Khashoggi’s killing planned, says Turkish President Erdogan

Turkey, Istanbul – Turkish President Recep Tayyip Erdogan said on Tuesday that the murder of Saudi journalist Jamal Khashoggi was planned by Saudi officials days in advance.

Addressing the ruling AK party lawmakers in the capital Ankara, Erdogan detailed Khashoggi’s disappearance and murder, but stopped short of accusing Saudi royals for the “savage” killing that has caused global outrage.

“On the 28 of September Khashoggi arrived at the Saudi Arabian consulate for him to sort out his wedding paperwork,” Erdogan said during the speech in Turkish parliament.

“It seems that at that time they [Saudi Arabian officials] started to plan a roadmap for his murder,” adding that some officials left Turkey and travelled to Saudi Arabia, “indicating they planned the murder”.

Erdogan called the killing as ‘political murder’, urging that crime partners in other countries should be included in investigation.

In the wake of intense global pressure, Saudi Arabia admitted last week that Khashoggi was killed inside its Istanbul consulate on October 2 as a result of a “fistfight” during an interrogation.

The Turkish leader called Khashoggi’s killing “savage”, adding that Turkey will continue its investigation until all questions have been answered.

“Why did they [the Saudi team] come to Istanbul, on instruction by whom,” Erdogan said, adding that Saudi Arabia should make clear why Saudi Arabia did not let investigators into the consulate until days later.

Galip Dalay, visiting scholar at University of Oxford, told Al Jazeera that Erdogan’s speech about the case is important for several reasons.

“The most important thing is that Erdogan confirmed everything we sort of heard through other channels. However, now it’s no longer attributed to unnamed Turkish officials, but it’s the President of Turkey who has confirmed what has happened,” Dalay said.

Where is the body?

Erdogan also demanded answers on what happened to Khashoggi’s body, mentioning reports that a local cooperator allegedly disposed of Khashoggi’s body.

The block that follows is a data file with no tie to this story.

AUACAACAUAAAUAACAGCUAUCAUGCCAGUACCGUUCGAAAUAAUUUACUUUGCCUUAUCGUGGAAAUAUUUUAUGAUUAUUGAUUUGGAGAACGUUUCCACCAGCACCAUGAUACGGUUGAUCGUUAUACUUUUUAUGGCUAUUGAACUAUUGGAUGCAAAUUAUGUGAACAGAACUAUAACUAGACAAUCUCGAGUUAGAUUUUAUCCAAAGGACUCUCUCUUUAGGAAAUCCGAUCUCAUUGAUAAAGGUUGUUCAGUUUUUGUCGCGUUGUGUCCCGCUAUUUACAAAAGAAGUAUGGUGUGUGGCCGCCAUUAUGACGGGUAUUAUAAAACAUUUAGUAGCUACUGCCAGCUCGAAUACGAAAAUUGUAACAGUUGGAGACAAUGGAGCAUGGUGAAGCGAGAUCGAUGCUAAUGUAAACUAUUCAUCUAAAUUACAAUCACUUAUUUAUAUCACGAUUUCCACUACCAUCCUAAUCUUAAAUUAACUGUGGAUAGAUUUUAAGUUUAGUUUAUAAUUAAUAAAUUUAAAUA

“Where is the body? There are claims his body has been given to a local person, but who is this local person,” Erdogan asked.

“Nobody is allowed to think this case will come to an end without answering all these questions,” he added.

The Turkish president also said Saudi Arabia was taking the right steps by working with Ankara on the investigation and arresting 18 people, 15 of which travelled to Istanbul on the day Khashoggi was murdered.

Dalay, who is also a non-resident fellow at Brookings Institution Doha, said Erdogan made a “distinction between King Salman and Crown Prince Mohammed bin Salman”.

“Everything that Erdogan provided pointed towards MBS without naming the crown prince specifically,” adding that Erdogan was clearly trying to prevent a full-blown crisis between Ankara and Riyadh.

‘Terrible tragedy’

Khashoggi, 59, a Washington Post columnist and critic of powerful Crown Prince Mohammed bin Salman, disappeared after entering the Saudi consulate on October 2.

So far, Erdogan had remained largely silent on the case, although Turkish officials have leaked information detailing a 15-member Saudi hit team that probably carried out the killing.

Saudi authorities arrested 18 people in connection with the killing and fired top security officials considered close to bin Salman, widely known as MBS.

Turkish officials suspect Khashoggi’s body was cut up, but the Saudi official claimed it was rolled up in a rug and given to a “local cooperator” for disposal.

On Sunday, speaking in an exclusive interview with Fox News, Saudi Arabia’s Foreign Minister Adel al-Jubeir said Khashoggi’s killing inside the Saudi consulate was “a terrible tragedy” and that Mohammed bin Salman had nothing to do with it.

Taha Ozhan, research director at the Ankara Institute, told Al Jazeera that he thought Erdogan was taking the right steps.

“The Saudis know very well what Turkey knows, and what Erdogan has been doing is the right thing, namely asking the Saudis for full cooperation in this case.”

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